Who holds cash? and why?
Cash holdings of nonfinancial firms range widely, and are related to firm size, industry and access to the public bond market. Cash holdings are positively correlated with agency proxies, suggesting that firms that cannot borrow easily due to agency problems hold greater cash stocks--perhaps as a cushion to prevent shortfalls in cash flow from impinging on investment. However, this correlation holds only for the very highest cash holders, especially small firms. The group of afflicted firms appears to be less than one-quarter of COMPUSTAT firms. Agency proxies are irrelevant for a large ...
Corporate Cash Flow and Its Uses
We decompose corporate cash flow into its primary components to examine how funds are being internally allocated and to elucidate current trends in corporate behavior. By historical standards, capital investment has been low and shareholder payouts have been high over the past few years, although these patterns do not seem so abnormal once recent economic and financial conditions are factored in. That said, corporate debt levels are now somewhat higher than we would expect given the rather tepid economic recovery from the Great Recession.
Evidence on the role of cash flow for investment
Cash flow or present value: what's lurking behind that hedge?
Why doesn’t technology flow from rich to poor countries?
What is the role of a country?s financial system in determining technology adoption? To examine this, a dynamic contract model is embedded into a general equilibrium setting with competitive intermediation. The terms of finance are dictated by an intermediary?s ability to monitor and control a firm?s cash flow, in conjunction with the structure of the technology that the firm adopts. It is not always profitable to finance promising technologies. A quantitative illustration is presented where financial frictions induce entrepreneurs in India and Mexico to adopt less-promising ventures than in ...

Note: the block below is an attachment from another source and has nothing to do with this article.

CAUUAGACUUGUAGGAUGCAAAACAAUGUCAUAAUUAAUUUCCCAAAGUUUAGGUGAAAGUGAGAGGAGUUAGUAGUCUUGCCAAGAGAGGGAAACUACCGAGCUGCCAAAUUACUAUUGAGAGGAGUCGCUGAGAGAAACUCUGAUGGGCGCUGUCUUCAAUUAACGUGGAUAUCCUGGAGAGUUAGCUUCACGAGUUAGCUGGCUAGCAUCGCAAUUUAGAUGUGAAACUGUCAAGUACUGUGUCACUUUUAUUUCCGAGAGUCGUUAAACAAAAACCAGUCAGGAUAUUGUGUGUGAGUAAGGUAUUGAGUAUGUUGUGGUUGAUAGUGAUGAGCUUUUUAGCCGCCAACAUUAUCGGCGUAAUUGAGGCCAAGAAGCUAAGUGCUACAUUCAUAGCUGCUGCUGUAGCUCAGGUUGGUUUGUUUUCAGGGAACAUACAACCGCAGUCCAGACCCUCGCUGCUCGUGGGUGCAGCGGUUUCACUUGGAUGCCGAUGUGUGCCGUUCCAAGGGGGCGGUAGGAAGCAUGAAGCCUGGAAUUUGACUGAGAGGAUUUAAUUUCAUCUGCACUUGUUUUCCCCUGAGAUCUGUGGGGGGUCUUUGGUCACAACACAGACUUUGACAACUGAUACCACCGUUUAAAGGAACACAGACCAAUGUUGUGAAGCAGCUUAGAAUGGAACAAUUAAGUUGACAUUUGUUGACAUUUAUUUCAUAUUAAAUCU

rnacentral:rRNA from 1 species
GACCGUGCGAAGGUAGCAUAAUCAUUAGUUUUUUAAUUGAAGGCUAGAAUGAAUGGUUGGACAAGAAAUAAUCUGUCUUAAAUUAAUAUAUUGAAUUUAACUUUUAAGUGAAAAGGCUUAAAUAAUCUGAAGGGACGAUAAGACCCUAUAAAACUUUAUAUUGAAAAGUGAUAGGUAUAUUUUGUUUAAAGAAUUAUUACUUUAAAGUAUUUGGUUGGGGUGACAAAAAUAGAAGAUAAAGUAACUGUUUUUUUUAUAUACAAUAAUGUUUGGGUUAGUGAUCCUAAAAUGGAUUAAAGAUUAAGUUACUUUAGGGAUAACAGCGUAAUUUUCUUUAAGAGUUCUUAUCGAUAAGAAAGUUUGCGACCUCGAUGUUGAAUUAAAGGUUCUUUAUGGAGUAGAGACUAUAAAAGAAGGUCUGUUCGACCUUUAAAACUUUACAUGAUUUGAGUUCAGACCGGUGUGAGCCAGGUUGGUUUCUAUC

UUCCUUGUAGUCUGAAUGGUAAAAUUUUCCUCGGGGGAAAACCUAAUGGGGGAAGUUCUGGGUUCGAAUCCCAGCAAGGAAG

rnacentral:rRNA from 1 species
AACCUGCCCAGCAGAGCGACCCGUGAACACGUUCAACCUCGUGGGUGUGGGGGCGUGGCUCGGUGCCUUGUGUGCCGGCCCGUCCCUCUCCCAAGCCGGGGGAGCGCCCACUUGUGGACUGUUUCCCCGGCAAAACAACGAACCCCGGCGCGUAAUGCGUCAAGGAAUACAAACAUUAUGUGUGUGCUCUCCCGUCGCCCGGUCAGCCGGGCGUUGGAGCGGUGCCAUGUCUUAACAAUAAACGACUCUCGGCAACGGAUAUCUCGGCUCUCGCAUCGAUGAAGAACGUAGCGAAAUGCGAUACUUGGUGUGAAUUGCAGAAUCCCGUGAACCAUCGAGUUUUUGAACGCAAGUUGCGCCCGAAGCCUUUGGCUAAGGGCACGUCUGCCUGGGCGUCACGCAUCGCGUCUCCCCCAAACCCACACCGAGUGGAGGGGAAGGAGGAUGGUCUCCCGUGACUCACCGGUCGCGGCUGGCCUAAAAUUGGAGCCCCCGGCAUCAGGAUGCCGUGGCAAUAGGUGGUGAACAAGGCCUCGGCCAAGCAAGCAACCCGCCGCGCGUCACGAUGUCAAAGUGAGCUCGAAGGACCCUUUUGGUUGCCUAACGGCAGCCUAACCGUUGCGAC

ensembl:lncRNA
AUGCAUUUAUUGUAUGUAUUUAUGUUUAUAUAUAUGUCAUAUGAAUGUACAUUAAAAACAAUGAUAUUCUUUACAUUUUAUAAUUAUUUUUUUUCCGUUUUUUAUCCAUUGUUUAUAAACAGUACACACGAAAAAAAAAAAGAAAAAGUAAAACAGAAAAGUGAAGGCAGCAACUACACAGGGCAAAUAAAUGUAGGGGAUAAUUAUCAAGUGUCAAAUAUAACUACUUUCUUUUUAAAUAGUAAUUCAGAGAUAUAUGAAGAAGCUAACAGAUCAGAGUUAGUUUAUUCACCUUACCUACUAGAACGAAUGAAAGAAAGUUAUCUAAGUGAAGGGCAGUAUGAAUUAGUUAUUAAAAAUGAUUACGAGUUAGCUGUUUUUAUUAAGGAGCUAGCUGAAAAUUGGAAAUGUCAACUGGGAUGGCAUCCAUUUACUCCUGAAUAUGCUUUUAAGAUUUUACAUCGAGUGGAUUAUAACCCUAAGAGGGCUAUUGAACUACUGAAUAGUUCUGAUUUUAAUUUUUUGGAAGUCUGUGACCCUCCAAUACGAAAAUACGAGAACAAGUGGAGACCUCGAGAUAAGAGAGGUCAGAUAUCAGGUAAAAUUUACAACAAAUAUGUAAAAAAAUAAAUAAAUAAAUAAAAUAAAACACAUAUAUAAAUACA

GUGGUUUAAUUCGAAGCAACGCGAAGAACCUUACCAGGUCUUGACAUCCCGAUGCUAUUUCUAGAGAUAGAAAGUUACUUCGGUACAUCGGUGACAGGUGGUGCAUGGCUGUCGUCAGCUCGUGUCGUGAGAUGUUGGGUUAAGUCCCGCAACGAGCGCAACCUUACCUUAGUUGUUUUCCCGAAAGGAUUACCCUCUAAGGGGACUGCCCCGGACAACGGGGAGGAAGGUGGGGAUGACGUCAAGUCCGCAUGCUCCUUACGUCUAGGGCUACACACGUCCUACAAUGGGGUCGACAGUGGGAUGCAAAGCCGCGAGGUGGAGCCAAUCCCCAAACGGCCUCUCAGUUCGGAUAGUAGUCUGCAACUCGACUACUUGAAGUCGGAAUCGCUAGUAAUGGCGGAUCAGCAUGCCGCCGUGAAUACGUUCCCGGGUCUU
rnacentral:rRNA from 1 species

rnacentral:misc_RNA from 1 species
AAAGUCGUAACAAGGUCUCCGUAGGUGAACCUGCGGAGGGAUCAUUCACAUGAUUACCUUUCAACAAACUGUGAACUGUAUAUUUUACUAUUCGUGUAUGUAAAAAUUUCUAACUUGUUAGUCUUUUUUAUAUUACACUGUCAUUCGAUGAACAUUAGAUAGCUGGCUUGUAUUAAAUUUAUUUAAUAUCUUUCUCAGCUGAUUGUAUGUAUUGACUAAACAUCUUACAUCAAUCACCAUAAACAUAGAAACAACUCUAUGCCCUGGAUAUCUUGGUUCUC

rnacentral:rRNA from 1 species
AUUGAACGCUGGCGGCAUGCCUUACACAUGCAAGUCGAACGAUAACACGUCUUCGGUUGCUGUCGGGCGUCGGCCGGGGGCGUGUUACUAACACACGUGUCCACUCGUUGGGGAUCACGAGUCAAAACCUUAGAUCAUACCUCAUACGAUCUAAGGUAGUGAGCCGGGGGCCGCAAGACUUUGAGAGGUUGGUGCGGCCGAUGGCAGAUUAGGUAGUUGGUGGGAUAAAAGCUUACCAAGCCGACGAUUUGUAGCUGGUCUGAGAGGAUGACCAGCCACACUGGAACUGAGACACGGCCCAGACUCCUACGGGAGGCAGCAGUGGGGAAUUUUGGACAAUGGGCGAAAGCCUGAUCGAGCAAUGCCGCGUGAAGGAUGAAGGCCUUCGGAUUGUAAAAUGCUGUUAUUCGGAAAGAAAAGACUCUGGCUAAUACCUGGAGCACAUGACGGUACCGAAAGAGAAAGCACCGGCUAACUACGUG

Small business use of credit cards in the U.S. market
America?s small businesses have adopted credit cards as both a payment method and a borrowing vehicle. The segment also uses other payment card products, including debit, charge, and prepaid cards. The dollar volume of spending with cards designed for small businesses increased by 230 percent over the five-year period from 2003-2008. But the recession of 2007-2009 and contemporaneous changes in the regulatory environment had effects on both the supply to and demand of small businesses with respect to credit cards. To obtain an update on these issues, the Payment Cards Center hosted a workshop ...